The cinder block has long been known as critical piece of masonry that’s invaluable in the construction of buildings and other such structures. Yet a funny thing has happened to this cold, impersonal-looking hunk of concrete. It’s been allowed to live a dual life as an essential component to a garden, as its combination of weight, sturdiness, and design makes it versatile enough to be the backbone of some rather innovative concepts. Here’s a look at some of the most progressive ideas out there.
1. The Ultimate Planter
The most recognizable feature of a cinder block are the two gaping holes that dominate their surface area. These holes play an important role in a cinder block’s traditionally intended use, as they lighten the unit’s weight and improve insulation without compromising its sturdiness. Yet as many people have discovered, they also make killer planters.
Because they can withhold whatever nature throws their way, these bulwarks can easily double as immovable homes for foliage and their dirt. You can be confident that a cinder block will not only stand up to weather, but also to the plants’ own growth.
Cinder blocks are also designed to be stacked; once they are, they’re not going anywhere. If you have a touch of creativity and ingenuity in your bones, you can use this to your advantage, staggering them to create intriguing patterns that can instantly turn your backyard into a cool conversation piece.
2. DIY Raised Garden Beds
If you have intentions of growing crops in your backyard, you don’t necessarily have to resort to buying a garden bed, or even constructing one of your own from wood. A properly placed arrangement of cinder blocks will do the trick, and do it well.
Because they’re so easily stackable, you can make the bed as high as you need. You can also fill their holes with dirt, just in case you want a little extra reinforcement. You can even use these holes to plant other vegetation, to give your garden bed an extra touch of character.
Perhaps the most advantageous part about making a raised garden bed from cinder blocks is that it gives you the opportunity to expand its size to accommodate your growing desires. You can’t move a border in a store-bought box, but you can do it here, albeit by breaking a bit of a sweat.
3. Cinder Block Shelves
The holes of a cinder block aren’t just great for plant placement. They also work rather well for wooden beams. This match can be exploited rather well for your garden if you’re looking to add unique, cost-effective elevation to your greenery.
If you thread a few wooden beams through the blocks’ holes, you’ll have an instant shelving unit that daresay may be more stable than the flimsy units you may find in your neighborhood garden store. Again, because cinder blocks are so easily stackable, you can design this shelf to be as high or low as you’d like.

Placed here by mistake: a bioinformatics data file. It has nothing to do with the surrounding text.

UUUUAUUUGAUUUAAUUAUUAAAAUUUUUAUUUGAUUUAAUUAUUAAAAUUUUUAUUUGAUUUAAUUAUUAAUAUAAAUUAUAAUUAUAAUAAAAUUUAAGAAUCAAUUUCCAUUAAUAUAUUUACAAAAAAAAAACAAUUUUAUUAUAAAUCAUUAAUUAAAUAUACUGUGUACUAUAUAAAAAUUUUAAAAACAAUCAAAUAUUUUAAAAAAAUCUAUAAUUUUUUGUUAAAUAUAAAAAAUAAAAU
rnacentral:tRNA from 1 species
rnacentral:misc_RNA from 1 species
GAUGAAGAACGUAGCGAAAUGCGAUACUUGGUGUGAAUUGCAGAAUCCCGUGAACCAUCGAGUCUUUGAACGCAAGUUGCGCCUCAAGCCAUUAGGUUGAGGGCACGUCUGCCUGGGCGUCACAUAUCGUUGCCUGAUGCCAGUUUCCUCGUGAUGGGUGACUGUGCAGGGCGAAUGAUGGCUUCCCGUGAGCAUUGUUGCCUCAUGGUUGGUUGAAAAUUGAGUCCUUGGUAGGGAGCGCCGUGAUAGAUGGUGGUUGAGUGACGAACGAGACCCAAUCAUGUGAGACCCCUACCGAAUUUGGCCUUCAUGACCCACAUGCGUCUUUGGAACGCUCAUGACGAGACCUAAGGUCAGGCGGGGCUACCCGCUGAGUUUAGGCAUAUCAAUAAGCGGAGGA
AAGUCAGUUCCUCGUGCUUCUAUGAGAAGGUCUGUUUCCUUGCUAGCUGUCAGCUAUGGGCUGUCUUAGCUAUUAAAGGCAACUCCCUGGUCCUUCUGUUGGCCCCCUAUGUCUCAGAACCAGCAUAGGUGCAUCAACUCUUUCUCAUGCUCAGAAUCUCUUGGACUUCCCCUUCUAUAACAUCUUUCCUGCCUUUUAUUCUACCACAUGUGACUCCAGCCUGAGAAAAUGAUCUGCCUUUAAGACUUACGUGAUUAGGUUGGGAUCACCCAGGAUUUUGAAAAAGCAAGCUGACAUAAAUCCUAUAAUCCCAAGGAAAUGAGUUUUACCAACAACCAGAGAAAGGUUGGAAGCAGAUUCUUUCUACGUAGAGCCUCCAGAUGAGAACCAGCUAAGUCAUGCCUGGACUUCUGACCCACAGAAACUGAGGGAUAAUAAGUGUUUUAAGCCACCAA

What’s more, you can space this makeshift shelving unit to be as long or short as possible. Its length will be determined by how many plants you’d like to place on its surface. Just don’t overdo things – you don’t want to create a unit that’s excessively busy.
4. Cinder Blocks as Canvases
If you’re worried about cinder blocks turning your garden into a concrete jungle of dismal gray, don’t fret. They can be painted to fit in with whatever color scheme you’ve already built in your garden. In fact, they make excellent canvases that will allow you to show off your creative side.
If you just want to add a pop of color just to keep them from being gray, adding a coat of paint will do the trick nicely. However, feel free to go a little nuts if you’re so inclined. Paint geometric patterns of different hues. Use the gray base as negative space. Even put a few blocks together and turn it into one multi-block work of art.
Of course, the caveat to doing this is that you still want to make sure what you’re doing matches the overall motif of your garden. Not doing so will make the block stand out, and not necessarily in a good way.
5. Make a Cinder Block Bench
The cool thing about mixing cinder blocks and wooden beams is that they can withstand a lot of force and weight. They can even combine to hold up people if they wood is thick and sturdy enough. Because of this, you can forego the trip to your nursery’s garden furniture section and make your own bench.
Like most cinder block projects, the key to this creation is their ability to be stackable and immovable. Just determine how wide you want your bench to be, build each “end” of the bench with appropriately arranged cinder blocks, and thread the sturdy wood beams through.
Once you’ve put the frames in place, you can then take your creation to the next level by festooning it with various garden pillows, blankets, or any other similar accoutrements to give it additional character. If you neutralize the bench’s bones in their natural state, your guests won’t pay much attention to its construction. This is a good thing.
If you’d prefer to keep things natural, there’s one thing to keep in mind: spacing. Because of the way cinder blocks are designed, you will end up with gaps between the beams when you sit. It’s like slats on an old-school wooden chair, only larger.
Yet with that or any other use, you’ll find that a cinder block can be utilized as the versatile backbone of virtually any basic garden motif. Add into the fact that their usage tends to save you a healthy chunk of money, and it’s easy to see why the use of these sturdy hunks of concrete have become such an effective piece of many a person’s gardening puzzle.